Bible Answer

Should a Christian get a tattoo?

Are tattoos permitted for a Christian? There are two verses that everyone quotes to say tattoos are wrong (i.e., Leviticus 19:28 & 1Cor 6:19). What do you say? 

Simply put, there is no specific restriction in scripture against a Christian getting a tattoo.

Looking at the verses you cited, the passage from Leviticus is found in the Law of the Old Covenant, and therefore it is not binding on a Christian under the New Covenant. Christians are not under the Law (see Rom 6:14; Gal 4:4-5; 5:18).

To those who believe that Christians should avoid tattoos because of Lev 19:28, you might ask them are they prepared to observe the verse immediately prior in Lev 19:27: “You shall not round off the side-growth of your heads nor harm the edges of your beard.” If not, then why do they require a Christian to keep one part of the Law but not keep all of it? This is an example of the self-contradictory legalism that weakens the Church and confuses the faithful. As James says in 2:10, either we keep the entire Law or we have become guilty of violating all of it.

Secondly, the teaching in 1Cor 6 addresses avoiding immorality committed with the body. Specifcally, Paul was talking about prostitution, and his comment in 1Cor 6:19 instructs the Corinthian church to abstain from participating in immoral practices involving idol worship and debauchery of various kinds.

Does Paul's general statement that we should glorify God with our bodies automatically make tattoos wrong? We would argue no it doesn't. For example, a tattoo could be designed to glorify God by displaying the phrase, "Jesus is Lord" or perhaps a scripture verse, etc. In that sense, a tattoo becomes just another way to adorn the body, like earrings or makeup. Can we really claim that Scripture teaches is it less godly for a Christian to place a butterfly tattoo on her ankle than to pierce an ear or wear makeup or dye her hair?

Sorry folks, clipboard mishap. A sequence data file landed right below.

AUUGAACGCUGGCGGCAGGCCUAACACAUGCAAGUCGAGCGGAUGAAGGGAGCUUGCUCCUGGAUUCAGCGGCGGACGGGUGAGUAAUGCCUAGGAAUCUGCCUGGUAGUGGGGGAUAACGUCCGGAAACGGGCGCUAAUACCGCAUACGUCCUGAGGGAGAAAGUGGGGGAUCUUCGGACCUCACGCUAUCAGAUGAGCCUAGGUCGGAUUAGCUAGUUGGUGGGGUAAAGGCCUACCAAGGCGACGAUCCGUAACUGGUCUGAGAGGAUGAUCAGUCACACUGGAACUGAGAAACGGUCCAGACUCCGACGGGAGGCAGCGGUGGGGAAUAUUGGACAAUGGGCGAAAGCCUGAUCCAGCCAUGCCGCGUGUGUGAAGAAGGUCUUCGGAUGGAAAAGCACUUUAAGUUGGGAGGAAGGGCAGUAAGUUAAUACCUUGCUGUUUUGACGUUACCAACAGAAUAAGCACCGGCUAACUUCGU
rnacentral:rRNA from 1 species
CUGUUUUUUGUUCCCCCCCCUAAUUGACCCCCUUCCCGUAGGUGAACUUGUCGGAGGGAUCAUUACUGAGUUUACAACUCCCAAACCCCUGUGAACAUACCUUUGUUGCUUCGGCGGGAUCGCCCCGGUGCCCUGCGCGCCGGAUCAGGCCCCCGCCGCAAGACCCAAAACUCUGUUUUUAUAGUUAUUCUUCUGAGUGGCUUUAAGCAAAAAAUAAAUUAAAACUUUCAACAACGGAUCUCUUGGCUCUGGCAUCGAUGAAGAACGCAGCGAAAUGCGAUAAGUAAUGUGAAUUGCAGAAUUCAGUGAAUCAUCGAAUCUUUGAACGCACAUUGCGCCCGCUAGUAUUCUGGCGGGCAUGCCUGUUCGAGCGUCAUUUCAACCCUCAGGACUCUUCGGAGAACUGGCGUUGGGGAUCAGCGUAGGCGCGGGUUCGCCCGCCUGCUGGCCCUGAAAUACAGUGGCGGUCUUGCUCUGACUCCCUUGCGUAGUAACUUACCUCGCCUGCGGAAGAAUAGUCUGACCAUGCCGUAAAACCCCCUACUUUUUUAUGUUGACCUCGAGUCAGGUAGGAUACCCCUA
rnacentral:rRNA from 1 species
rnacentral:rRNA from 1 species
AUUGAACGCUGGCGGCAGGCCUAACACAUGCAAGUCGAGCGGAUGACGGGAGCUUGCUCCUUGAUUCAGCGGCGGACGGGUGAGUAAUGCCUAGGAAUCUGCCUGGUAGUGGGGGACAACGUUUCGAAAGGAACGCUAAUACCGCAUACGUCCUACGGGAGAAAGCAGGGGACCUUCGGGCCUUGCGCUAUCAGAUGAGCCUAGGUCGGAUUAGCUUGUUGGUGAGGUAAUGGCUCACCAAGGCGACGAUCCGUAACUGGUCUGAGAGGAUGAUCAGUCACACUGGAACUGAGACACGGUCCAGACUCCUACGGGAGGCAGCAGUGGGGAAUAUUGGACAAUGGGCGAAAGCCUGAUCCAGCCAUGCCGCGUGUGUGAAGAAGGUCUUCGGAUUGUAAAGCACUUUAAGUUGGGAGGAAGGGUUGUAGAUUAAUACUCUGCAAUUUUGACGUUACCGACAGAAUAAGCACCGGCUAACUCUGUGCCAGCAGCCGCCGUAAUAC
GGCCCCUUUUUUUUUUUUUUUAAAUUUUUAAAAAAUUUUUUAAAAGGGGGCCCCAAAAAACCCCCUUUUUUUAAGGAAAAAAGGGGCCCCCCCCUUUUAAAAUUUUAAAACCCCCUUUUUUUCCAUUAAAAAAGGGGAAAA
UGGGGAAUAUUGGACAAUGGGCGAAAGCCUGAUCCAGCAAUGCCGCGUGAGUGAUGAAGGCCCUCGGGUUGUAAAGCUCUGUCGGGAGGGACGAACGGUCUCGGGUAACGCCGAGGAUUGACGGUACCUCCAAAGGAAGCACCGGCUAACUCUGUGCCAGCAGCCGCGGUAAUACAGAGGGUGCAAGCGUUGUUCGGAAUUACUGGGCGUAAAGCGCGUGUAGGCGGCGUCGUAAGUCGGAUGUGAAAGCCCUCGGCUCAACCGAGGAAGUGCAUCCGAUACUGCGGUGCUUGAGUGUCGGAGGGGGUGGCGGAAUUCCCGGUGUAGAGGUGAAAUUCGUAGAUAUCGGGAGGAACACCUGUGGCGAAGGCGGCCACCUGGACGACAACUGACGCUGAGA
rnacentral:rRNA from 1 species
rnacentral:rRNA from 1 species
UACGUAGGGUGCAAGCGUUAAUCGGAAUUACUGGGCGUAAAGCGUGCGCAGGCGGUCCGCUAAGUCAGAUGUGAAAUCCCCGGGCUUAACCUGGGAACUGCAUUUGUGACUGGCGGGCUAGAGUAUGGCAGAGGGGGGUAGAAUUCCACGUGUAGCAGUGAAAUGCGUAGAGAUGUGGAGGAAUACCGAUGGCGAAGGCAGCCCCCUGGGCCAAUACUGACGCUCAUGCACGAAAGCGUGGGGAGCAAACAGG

On the other hand, if the Christian chooses an inappropriate tattoo (e.g., crude language or unholy images), then the tatoo would be wrong in the same way that leud or revealing clothing is wrong. The bottom line is the intent and the message of our actions matter, but not necessarily the form.

The mere existence of a tattoo isn't wrong by itself, and it doesn't violate specific scriptural mandates for the Christian. Nevertheless, the Christian should practice love toward God and his neighbor when deciding whether to obtain a tatoo and what design to select.